2021-07-20Zeitschriftenartikel DOI: 10.18452/26119
In Situ (Operando) Electrochemical Dilatometry as a Method to Distinguish Charge Storage Mechanisms and Metal Plating Processes for Sodium and Lithium Ions in Hard Carbon Battery Electrodes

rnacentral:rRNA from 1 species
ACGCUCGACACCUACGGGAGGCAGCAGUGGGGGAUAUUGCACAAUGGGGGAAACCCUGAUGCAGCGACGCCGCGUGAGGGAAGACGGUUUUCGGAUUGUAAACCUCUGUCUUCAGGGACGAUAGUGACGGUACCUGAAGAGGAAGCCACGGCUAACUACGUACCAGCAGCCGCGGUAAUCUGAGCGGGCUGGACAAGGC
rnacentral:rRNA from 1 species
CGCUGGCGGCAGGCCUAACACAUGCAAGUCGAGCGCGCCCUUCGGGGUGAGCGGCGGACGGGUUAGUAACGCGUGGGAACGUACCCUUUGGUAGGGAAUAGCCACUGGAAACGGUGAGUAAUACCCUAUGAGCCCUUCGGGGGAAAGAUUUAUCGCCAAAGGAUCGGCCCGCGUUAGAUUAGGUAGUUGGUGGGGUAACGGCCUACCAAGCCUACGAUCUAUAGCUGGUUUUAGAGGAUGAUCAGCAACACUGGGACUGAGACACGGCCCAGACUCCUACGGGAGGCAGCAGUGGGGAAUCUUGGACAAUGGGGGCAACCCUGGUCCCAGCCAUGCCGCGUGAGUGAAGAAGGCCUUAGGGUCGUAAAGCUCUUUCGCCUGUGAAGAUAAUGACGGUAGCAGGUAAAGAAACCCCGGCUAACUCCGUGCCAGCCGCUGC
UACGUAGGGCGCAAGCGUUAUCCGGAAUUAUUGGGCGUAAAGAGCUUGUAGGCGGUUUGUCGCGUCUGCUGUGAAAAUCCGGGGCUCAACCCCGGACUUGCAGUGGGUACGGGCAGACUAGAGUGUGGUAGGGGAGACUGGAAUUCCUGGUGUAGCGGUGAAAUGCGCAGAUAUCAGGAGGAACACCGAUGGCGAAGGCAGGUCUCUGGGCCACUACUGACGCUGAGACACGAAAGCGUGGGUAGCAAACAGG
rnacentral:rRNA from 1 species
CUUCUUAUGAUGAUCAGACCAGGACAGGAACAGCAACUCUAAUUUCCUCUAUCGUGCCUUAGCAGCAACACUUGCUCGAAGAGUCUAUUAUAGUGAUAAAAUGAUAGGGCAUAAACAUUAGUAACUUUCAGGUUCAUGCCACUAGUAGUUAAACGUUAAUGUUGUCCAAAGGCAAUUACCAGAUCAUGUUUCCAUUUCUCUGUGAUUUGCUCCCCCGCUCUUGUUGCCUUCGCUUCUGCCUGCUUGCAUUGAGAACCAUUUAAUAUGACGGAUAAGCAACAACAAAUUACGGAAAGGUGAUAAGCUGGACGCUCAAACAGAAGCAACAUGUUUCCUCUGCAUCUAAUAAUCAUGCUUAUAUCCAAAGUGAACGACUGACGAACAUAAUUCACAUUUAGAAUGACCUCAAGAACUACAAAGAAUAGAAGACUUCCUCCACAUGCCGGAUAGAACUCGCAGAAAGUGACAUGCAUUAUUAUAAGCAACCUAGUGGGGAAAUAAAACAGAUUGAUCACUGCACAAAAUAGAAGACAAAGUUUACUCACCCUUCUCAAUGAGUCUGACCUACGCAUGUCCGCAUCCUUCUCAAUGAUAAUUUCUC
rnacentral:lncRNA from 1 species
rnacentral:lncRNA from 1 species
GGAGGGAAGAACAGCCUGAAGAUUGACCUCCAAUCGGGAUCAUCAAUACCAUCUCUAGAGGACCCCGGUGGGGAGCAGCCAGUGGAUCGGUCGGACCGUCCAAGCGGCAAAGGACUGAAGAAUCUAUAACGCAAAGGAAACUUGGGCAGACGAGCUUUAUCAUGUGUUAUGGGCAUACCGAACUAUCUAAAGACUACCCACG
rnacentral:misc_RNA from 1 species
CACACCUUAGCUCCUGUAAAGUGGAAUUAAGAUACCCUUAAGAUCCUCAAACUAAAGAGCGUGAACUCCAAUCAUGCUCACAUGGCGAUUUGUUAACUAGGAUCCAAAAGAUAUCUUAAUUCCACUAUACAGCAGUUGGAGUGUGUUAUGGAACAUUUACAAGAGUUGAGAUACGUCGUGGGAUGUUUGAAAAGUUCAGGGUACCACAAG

In situ (operando) electrochemical dilatometry (ECD) provides information on the expansion/shrinkage of an electrode during cell cycling. It is shown that the ECD signal can be used as descriptor to characterize the charge storage behavior of lithium and sodium ions in hard carbon electrodes. It is found that sodium storage in hard carbons occurs by a three-step mechanism, namely I) insertion, II) pore filling, and III) plating. Step III can be seen from a sudden increase in electrode thickness for potentials below around 36 mV versus Na+/Na and is assigned to plating on the hard carbon surface. Interestingly, this last step is absent in the case of lithium which demonstrates that the storage behavior between both alkali metals is different. The plating mechanism is also supported by reference experiments in which bulk plating is enforced. Bulk plating on hard carbon electrodes can be detected more easily for sodium compared to lithium. It is also found that the type of binder strongly influences the dilatometry results. A comparison between the binders sodium salt of carboxymethyl cellulose and poly(vinylidene difluoride) shows that the use of the former leads to notably smaller first electrode expansion as well as a higher initial Coulomb efficiency.
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